If you’ve ever tried installing a printer on Server Core 2008, chances are you’ve probably come across an error when using Print Management (printmanagement.msc) to remotely manage your Server Core install and add your printer. It looks like it’s going to work fine, but then just before it finishes, you get this…
Unable to install <printer name>, Type 3 – User Mode, <architecture> driver. Operation could not be completed (error 0x800f0247).
And then you might also get this…
Failed to add driver. Operation could not be completed (error 0x00000578).
When you try installing this same printer and driver on a GUI machine, it installs without any problems, so you can safely say it’s a Server Core issue.
As you’d expect, the first step would be to lookup the error code… So we have errors 0x800f0247 and 0x00000578.
Converting these codes from hexidecimal to decimal gives us errors 2148467271 and 1400 respectively. The first one is bogus, as it’s out of range, however error code 1400 translates as ERROR_INVALID_WINDOW_HANDLE.
The issue is the fact that Server Core isn’t handling the unsigned drivers by giving the Print Management console information to prompt the user to confirm the installation of the driver, hence the driver fails to install.
To get around this issue, we can pre-install the required drivers from the command line of the Server Core machine, by passing a call to the PrintUI.dll (which luckily is still used for the Server Core printing engine) – You could also theoretically use the prndrvr.vbs file which can be found in %SYSTEMROOT%\System32\Printing_Admin_Scripts\en-us however it seems that it also cannot handle the prompting of the unsigned driver installation either, and because it only passes calls through to PrintUI.dll anyway, we may as well use it directly.
So create a directory called C:\Temp and copy your printer driver folder to this location on your Server Core machine.
Then, from the command prompt of your Server Core machine, use the following syntax…
start /w rundll32 PrintUI.dll,PrintUIEntry /ia /K /m “<driver name>” /h “<architecture>” /v 3 /f “<driver inf file>”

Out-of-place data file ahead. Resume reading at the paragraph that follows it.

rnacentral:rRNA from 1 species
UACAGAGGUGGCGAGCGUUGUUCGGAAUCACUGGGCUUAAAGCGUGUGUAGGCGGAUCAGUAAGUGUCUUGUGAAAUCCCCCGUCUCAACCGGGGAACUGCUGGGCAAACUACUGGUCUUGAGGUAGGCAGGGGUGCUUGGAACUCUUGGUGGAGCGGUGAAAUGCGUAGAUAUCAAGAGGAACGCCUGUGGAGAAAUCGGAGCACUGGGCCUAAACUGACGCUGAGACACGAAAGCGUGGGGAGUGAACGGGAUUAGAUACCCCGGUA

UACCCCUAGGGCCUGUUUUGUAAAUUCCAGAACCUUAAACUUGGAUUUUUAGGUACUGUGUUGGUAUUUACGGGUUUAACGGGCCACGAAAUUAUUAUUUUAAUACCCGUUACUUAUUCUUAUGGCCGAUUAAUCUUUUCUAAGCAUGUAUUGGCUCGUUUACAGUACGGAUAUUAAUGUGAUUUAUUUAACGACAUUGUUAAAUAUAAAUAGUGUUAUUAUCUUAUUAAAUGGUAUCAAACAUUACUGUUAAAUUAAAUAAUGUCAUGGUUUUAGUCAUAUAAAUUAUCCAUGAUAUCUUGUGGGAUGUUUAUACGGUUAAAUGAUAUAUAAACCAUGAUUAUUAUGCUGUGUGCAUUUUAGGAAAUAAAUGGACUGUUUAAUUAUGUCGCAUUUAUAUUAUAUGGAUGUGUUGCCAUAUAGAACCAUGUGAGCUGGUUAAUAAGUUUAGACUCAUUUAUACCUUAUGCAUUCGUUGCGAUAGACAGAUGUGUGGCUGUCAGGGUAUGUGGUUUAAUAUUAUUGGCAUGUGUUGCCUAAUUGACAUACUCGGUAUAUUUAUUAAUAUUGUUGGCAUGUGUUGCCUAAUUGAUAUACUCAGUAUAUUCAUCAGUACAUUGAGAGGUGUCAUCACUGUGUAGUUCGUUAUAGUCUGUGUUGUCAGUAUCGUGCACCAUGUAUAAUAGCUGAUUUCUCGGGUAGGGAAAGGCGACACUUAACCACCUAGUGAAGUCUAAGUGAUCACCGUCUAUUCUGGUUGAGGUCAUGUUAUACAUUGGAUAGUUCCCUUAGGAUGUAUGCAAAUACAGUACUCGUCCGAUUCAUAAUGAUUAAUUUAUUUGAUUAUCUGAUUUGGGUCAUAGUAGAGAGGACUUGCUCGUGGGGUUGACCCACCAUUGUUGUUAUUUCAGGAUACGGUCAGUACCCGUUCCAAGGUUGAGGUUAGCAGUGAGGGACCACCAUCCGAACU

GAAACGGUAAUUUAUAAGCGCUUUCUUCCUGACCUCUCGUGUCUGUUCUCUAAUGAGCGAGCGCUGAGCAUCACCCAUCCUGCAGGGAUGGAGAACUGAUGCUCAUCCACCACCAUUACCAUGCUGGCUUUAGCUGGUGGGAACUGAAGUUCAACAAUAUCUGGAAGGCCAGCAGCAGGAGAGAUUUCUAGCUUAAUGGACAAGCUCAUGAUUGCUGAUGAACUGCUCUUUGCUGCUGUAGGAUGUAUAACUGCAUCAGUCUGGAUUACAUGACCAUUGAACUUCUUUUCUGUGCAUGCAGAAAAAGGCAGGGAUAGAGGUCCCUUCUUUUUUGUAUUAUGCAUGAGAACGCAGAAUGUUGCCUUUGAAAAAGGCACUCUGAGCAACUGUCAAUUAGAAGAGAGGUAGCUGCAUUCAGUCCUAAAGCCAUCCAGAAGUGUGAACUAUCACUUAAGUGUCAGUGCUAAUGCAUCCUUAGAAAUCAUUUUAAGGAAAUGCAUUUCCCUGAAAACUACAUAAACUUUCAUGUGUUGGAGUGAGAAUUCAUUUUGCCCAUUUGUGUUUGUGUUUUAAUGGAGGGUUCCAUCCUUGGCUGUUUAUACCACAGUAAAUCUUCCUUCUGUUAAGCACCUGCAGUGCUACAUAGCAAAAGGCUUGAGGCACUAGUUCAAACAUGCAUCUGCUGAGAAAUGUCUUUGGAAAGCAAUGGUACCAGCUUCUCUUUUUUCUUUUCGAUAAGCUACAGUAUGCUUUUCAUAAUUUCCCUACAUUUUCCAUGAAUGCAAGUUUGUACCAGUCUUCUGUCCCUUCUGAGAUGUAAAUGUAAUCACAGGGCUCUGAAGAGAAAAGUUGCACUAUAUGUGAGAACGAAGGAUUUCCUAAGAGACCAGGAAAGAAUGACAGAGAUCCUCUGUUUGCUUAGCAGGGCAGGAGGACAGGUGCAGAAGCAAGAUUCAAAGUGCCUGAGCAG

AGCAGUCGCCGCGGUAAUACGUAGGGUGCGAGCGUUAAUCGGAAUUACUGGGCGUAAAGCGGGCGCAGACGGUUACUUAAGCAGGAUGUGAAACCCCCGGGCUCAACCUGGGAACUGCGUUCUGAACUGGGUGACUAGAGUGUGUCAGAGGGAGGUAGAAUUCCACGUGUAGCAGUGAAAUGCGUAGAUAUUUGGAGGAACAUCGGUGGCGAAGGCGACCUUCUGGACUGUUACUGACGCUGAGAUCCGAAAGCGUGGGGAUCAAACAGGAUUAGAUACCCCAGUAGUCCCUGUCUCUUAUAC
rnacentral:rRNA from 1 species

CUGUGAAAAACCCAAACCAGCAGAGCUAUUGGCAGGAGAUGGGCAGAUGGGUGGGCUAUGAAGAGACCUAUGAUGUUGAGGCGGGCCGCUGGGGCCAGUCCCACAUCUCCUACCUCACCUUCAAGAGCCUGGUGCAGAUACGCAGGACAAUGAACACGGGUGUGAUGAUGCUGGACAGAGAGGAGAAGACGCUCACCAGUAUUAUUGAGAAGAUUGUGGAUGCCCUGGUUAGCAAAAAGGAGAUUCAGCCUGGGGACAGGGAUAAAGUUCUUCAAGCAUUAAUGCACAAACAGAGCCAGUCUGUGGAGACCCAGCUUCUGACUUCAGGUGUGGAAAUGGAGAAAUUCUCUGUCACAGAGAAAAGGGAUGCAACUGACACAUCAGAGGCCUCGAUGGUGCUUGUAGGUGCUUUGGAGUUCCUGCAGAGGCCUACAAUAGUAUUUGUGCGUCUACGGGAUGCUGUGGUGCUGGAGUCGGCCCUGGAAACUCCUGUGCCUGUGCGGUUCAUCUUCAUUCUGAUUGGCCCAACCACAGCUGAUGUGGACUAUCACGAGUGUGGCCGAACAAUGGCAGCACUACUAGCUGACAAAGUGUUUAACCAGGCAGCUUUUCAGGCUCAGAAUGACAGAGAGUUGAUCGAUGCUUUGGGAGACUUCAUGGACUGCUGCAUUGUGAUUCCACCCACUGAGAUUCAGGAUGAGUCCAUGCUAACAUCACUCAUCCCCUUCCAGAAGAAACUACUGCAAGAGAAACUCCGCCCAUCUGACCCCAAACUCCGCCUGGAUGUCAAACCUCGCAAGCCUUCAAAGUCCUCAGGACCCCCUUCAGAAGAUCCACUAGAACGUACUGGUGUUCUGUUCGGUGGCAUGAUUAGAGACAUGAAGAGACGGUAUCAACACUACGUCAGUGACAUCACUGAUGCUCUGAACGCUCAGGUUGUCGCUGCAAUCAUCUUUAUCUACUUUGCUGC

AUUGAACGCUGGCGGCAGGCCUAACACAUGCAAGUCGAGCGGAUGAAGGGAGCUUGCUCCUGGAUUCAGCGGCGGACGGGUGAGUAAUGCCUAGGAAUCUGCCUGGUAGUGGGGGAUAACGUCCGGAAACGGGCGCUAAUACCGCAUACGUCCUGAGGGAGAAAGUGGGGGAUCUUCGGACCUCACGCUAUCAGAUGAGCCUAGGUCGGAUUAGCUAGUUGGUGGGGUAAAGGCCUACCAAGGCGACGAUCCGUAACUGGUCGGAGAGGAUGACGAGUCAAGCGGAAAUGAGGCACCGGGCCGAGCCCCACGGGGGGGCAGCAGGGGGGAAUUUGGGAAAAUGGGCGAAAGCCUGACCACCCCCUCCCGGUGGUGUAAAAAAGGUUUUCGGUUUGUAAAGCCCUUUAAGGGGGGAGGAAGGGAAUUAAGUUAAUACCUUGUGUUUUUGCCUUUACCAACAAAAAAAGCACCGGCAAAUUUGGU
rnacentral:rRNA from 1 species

Here is a breakdown of the above command…
- The start /w command will hold the command prompt until the command has finished;
- rundll32 is the process we use to invoke PrintUI.dll;
- ,PrintUIEntry tells rundll32 that we want to use this entry point in PrintUI.dll;
- /ia tells the PrintUI.dll that we want to install a printer driver using an inf file;
- /K (must be capital!) allows us to specificy a numerical value for /v;
- /m is where you provide the name of the driver (in my case “Samsung CLX-3160 Series”) – You can get this by looking inside the inf file for your driver;
- /h is where you provide the architecture for the driver, as “Windows NT x86” for 32-bit architecture, “x64” for 64-bit architecture and “IA64” for Itanium architecture;
- /v specifies that the driver is used for Windows XP or later
- /f is the location to the driver .inf file (which you should have copied to C:\Temp)
So for example, my command looked like this…
start /w rundll32 PrintUI.dll,PrintUIEntry /ia /K /m “Samsung CLX-3160 Series” /h “Windows NT x86” /v 3 /f “C:\Temp\Samsung CLX-3160 Series\driver\sugi1.inf”
After running this command, you get a red unsigned driver warning screen, which you can now accept to install the driver.
When you refresh the Drivers node in Print Management on your GUI machine, you’ll see your new driver listed. You can now go ahead and deploy your printer, however note that if you are running x64 of Server Core 2008 you’ll need to install the x64 driver before you can add the printer (otherwise you won’t be able to select your installed driver during the printer add process).
You can also delete the folders you copied in to C:\Temp now, because the drivers have been copied to their permanent location.